Crate training is highly recommended, especially for puppies and young labs.
Labradors are especially obsessed with finding food! Labs love to eat. Do not leave food accessible on countertops and make sure your trash can has a dog-proof lid.
Joyful, Goofy, Fun
One of the most beloved components of the Silver Labrador Retriever temperament is the joyful nature of this breed.
Labs are happy, silly, fun-loving dogs. They enjoy romping in the snow and swimming in the summertime.
Silver Labs love to play! They are especially fond of playing fetch with tennis balls for hours on end.
If you add a Lab to your home, your home will soon be filled with laughter!
Silver Labrador History: What's the Origin of the Silver Lab?
Labrador Retrievers originated in Newfoundland, Canada.
They were bred to work alongside hunters and fishermen as water retrievers.
Their popularity began to soar in the 1800s as specimens spread to Europe and America.
The United Kennel Club (UKC) recognized the Labrador Retriever breed in 1903. The American Kennel Club recognized the breed in 1917.
Today, the Labrador Retriever is the most popular dog breed in the United States according to AKC registrations. The Lab has held the highest-ranking since 1991.
The American Kennel Club recognizes three color varieties: black, yellow and chocolate.
The Silver Coat Coloration
The silver coloration first appeared within the last few decades and has caused great controversy within the Labrador community.
It is not recognized as a distinct coloration. Instead, Silver Labrador Retrievers are registered as Chocolate Labs by the AKC.
The silver color has become incredibly popular and desired because it is attractive and rare. Consumers are willing to pay exorbitant amounts of money for a silver lab puppy.
The Problem with Breeding for “Looks”
This is where the controversy comes into play.
Respected, responsible breeders discourage the practice of breeding specifically for a physical attribute.
They argue that a good breeder should always prioritize health, function, temperament, and the improvement of the breed.
When breeders are breeding solely for appearance, health and temperament are inevitably compromised.
Size and Appearance
The Silver Lab has the same general appearance as any other Labrador, other than the color. They are the same size and shape as other Labs.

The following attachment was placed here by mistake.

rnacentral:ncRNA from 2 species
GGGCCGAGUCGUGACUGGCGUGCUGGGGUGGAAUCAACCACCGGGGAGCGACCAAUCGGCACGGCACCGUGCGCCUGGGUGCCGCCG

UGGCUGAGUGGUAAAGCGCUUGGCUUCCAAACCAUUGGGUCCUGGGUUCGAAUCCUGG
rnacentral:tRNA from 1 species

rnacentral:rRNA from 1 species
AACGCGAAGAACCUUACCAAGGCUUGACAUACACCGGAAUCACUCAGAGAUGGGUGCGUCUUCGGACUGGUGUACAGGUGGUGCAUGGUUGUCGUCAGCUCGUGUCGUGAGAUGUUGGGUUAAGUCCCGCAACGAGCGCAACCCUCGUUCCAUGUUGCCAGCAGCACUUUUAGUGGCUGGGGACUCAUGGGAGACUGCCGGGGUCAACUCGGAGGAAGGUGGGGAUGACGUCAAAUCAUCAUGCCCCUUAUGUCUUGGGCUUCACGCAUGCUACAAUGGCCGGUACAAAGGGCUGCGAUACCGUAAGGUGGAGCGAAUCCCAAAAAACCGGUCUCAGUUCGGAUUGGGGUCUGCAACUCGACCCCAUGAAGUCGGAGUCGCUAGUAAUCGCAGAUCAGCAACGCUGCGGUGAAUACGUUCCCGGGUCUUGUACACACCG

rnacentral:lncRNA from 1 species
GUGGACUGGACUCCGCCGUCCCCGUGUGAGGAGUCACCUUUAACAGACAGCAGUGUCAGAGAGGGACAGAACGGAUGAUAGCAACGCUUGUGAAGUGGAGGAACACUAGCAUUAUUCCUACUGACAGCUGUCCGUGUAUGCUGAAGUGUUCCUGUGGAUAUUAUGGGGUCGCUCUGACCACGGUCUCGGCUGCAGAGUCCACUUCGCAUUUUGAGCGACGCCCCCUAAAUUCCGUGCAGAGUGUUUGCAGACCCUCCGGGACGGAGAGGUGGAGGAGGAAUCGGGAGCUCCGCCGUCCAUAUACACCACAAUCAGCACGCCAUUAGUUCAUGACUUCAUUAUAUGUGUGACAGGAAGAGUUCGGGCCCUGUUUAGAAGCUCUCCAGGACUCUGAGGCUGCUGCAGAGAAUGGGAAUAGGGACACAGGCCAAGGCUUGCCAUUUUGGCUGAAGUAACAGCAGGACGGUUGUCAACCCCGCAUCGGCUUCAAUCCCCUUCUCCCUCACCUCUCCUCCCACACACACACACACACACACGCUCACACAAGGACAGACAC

For example, the Silver Labrador Retriever weight range is between 55 and 80 lbs.
Likewise, the Silver Labrador Retriever height range is between 21 and 24 inches at the withers.
These measurements are the same for all coat colorations.
Silver Labrador Retriever colors are described as gray or silver. They have gray noses, nails, and gray pads on the paws of their feet.
The gray color occurs as the result of breeding two dogs that each carry a recessive gene for dilute coloration.
How to Train a Silver Labrador Retriever?
Similar to other Labradors, the Silver Labrador Retriever temperament is highly trainable.
In fact, Labrador Retrievers are trained to do many important jobs including drug detection, search and rescue, and therapy work. They are also commonly used as service dogs for people with disabilities.
There is no doubt that this is a very trainable dog.
However, like all dogs, training a Silver Lab takes patience, effort, and consistency.
A great way to start off is by signing up for a puppy socialization class or a beginner’s obedience class with a positive reinforcement trainer.
Make sure you find a trainer that uses modern, positive, force-free training methods.
Avoid trainers that use old school training techniques such as physical corrections or “dominance” theory. There is no need to use painful training devices such as shock collars, pinch collars or choke chains.
Instead, find a trainer that uses reward-based training. This type of training is more effective and more enjoyable for you and your pet.
Once you have mastered basic commands, you can look into more advanced activities such as canine sports. Silver Labs can excel at sports including flyball, dock jumping, water retrieving, agility, tracking, nosework, Frisbee and much more!
Helpful Dog Training Resource: